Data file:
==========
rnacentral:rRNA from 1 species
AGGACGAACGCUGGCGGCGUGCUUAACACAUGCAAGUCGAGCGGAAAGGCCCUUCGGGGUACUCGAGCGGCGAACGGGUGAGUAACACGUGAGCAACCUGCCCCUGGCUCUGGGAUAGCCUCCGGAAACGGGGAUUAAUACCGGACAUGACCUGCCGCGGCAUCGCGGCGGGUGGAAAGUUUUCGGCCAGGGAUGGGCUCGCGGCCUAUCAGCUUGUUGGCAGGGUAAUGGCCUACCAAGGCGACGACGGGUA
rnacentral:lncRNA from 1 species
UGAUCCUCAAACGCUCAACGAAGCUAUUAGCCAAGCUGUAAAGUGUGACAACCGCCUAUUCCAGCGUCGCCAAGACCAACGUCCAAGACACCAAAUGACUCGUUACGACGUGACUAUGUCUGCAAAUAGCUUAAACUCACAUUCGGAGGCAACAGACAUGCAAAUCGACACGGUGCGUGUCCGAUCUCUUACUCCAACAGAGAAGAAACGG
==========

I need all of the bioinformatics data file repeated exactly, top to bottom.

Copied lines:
rnacentral:rRNA from 1 species
AGGACGAACGCUGGCGGCGUGCUUAACACAUGCAAGUCGAGCGGAAAGGCCCUUCGGGGUACUCGAGCGGCGAACGGGUGAGUAACACGUGAGCAACCUGCCCCUGGCUCUGGGAUAGCCUCCGGAAACGGGGAUUAAUACCGGACAUGACCUGCCGCGGCAUCGCGGCGGGUGGAAAGUUUUCGGCCAGGGAUGGGCUCGCGGCCUAUCAGCUUGUUGGCAGGGUAAUGGCCUACCAAGGCGACGACGGGUA
rnacentral:lncRNA from 1 species
UGAUCCUCAAACGCUCAACGAAGCUAUUAGCCAAGCUGUAAAGUGUGACAACCGCCUAUUCCAGCGUCGCCAAGACCAACGUCCAAGACACCAAAUGACUCGUUACGACGUGACUAUGUCUGCAAAUAGCUUAAACUCACAUUCGGAGGCAACAGACAUGCAAAUCGACACGGUGCGUGUCCGAUCUCUUACUCCAACAGAGAAGAAACGG